Among the dust-covered shelves of antique stores and various spaces with antiques, some connoisseurs manage to find real treasures for their collections. However, how to determine the price of an old object and what defines it as “antique” or “vintage” is sometimes a difficult and rather subjective question. Read this article to know more about antiques and their recognition.
Humans are unique in the way they collect items, purely for the satisfaction of seeking and owning them. The thirst to collect only became realizable about 12,000 years ago, once our ancestors gave up their migrant way of life and settled down in one place. There is also a phenomenon known as the endowment effect, which describes our tendency to value things more, once we own them.
These collectibles are an inheritance from the earliest eras that had their own artisanship. The beauty,
rarity, age, and high quality of these collectibles are combined in one word that is antique and defined as that in the Cambridge English Dictionary.
What is the Difference Between Antique and Vintage?
These definitions are similar, it is often difficult to draw a clear line between antique and vintage, yet they vary.
This article considers the most important criteria in greater detail.
The key contrast between vintage and antique is Age.
The word vintage literally means “of age”, and is defined by the period of time something has existed. It doesn't come as a surprise that the term vintage was originally used as a reference to the year or place in which wine, especially wine of high quality, was produced: "1982 is one of the best vintages of the century".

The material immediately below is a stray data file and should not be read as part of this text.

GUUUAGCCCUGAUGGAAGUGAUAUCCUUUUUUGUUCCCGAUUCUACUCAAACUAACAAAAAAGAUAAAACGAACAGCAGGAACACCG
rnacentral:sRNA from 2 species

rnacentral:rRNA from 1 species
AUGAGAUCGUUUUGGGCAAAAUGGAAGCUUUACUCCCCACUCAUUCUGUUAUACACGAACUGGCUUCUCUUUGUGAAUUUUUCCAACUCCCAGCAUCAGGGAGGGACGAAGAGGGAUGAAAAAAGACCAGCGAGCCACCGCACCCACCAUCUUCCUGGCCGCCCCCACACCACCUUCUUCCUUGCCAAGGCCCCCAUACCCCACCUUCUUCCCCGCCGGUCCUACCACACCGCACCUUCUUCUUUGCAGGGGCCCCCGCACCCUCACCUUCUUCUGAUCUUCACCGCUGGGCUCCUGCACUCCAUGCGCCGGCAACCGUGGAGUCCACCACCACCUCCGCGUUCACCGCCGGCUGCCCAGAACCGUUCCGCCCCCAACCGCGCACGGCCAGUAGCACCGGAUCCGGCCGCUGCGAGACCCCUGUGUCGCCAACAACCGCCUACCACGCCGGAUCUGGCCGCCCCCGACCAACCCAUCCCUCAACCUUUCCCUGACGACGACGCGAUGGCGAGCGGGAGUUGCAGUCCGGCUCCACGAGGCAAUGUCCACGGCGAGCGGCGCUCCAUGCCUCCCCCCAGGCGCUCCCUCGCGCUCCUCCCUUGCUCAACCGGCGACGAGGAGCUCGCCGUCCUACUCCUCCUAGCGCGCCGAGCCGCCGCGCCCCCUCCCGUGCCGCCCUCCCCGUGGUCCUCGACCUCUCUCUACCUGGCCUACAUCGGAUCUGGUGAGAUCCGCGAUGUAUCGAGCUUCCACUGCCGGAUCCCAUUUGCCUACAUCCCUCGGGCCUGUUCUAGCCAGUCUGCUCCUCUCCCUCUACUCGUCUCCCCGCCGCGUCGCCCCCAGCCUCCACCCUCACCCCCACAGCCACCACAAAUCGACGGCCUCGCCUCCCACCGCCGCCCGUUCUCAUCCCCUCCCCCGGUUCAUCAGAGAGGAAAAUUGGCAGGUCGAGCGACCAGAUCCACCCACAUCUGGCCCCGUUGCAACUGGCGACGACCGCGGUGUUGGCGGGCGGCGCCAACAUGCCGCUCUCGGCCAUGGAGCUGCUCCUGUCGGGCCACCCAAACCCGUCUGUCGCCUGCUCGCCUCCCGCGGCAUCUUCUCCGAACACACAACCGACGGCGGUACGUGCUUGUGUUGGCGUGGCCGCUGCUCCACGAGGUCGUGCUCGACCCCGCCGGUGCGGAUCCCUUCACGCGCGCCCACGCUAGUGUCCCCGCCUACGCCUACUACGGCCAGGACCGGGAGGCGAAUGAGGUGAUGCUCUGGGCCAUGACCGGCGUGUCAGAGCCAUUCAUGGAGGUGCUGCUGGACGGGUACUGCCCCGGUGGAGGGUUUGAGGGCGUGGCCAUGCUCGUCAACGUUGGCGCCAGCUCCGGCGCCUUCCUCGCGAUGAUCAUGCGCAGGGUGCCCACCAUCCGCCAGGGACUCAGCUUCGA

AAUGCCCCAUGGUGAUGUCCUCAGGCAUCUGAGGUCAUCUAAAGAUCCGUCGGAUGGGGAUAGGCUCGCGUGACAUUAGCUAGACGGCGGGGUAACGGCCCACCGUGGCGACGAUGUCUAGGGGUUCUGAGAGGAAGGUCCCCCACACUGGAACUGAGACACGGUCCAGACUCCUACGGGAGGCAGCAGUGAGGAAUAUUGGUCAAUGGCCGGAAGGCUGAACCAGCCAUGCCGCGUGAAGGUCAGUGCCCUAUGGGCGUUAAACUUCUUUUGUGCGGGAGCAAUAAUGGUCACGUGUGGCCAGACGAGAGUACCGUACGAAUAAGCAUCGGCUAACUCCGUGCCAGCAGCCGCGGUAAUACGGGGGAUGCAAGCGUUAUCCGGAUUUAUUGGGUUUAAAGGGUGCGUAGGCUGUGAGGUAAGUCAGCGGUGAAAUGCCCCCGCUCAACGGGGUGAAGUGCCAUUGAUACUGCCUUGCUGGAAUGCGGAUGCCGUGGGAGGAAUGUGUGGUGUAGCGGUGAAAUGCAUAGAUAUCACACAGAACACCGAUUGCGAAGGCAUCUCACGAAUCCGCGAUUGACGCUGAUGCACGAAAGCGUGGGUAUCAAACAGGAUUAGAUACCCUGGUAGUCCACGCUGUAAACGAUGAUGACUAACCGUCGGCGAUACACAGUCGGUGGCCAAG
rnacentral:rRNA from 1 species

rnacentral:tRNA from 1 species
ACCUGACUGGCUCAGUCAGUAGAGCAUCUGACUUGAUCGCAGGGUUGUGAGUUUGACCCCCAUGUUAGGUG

Today, Items can be considered Vintage when they have existed for more than 40 years, and “Vintage” became a trend, a fashion, and even a movement where people identify themselves as less materialistic and more into the recycling and reuse of older items. Vintage became an identity associated with a certain lifestyle.
Although many vintage items are sentimental, they are desired for a variety of reasons apart from their age. This involves adorning and collecting. Also, since so many of these items are still usable, they are pragmatic pieces with a unique style. Vintage items are often viewed as a demonstration of the stage they are from. These more well-liked vintage products include https://thebookheritage.com/the-library/: